adam barker on indigenous peoples and the occupy movement


Adam J. Barker, ‘Already Occupied: Indigenous Peoples, Settler Colonialism and the Occupy Movements in North America’, Social Movement Studies: Journal of Social, Cultural and Political Protest (Advance, 2012)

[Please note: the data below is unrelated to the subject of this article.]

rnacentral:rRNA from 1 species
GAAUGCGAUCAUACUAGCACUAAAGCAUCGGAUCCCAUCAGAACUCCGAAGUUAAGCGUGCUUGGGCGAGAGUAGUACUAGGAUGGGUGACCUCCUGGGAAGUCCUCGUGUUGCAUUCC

Indigenous struggles in Canada and the USA—the northern bloc of settler colonialism—have long been characterized by tactical occupations. It is often assumed that Indigenous peoples’ concerns are congruent with those of ‘the 99%’: broad-based opposition to economic and political marginalization, strong sub-currents of environmentalism and direct democracy, and antipathy towards state violence. Indigenous people and groups have engaged with Occupy, but have also raised powerful critiques of the goals, philosophies and tactics of various Occupy movements. As a result, there have been changes within the praxes of Occupy, but also conflict and disintegration. Many concerns of Indigenous peoples remain unaddressed; legacies of historical colonization and the dynamics of contemporary settler colonialism are powerfully entrenched. The Occupy movements seek to claim the spaces created by state power and corporate wealth—specific sites such as Zuccotti Park or Wall Street, and general spaces of urban poverty and suburban collapse. Indigenous occupations, by contrast, seek to reclaim and reassert relationships to land and place submerged beneath the settler colonial world. These occupations question the validity of settler colonial nation states. Simultaneously, the nationalistic, racialized content of Occupy movements in North America does not just leave Indigenous peoples out; it situates Occupy within a settler colonial dynamic, participating in the transfer of land and power to the hands of the settler colonial majority. Settler colonialism provides a powerful lens through which to examine Settler—Indigenous dynamics around Occupy.

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